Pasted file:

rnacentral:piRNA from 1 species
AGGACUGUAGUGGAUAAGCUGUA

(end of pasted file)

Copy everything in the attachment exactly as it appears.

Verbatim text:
rnacentral:piRNA from 1 species
AGGACUGUAGUGGAUAAGCUGUA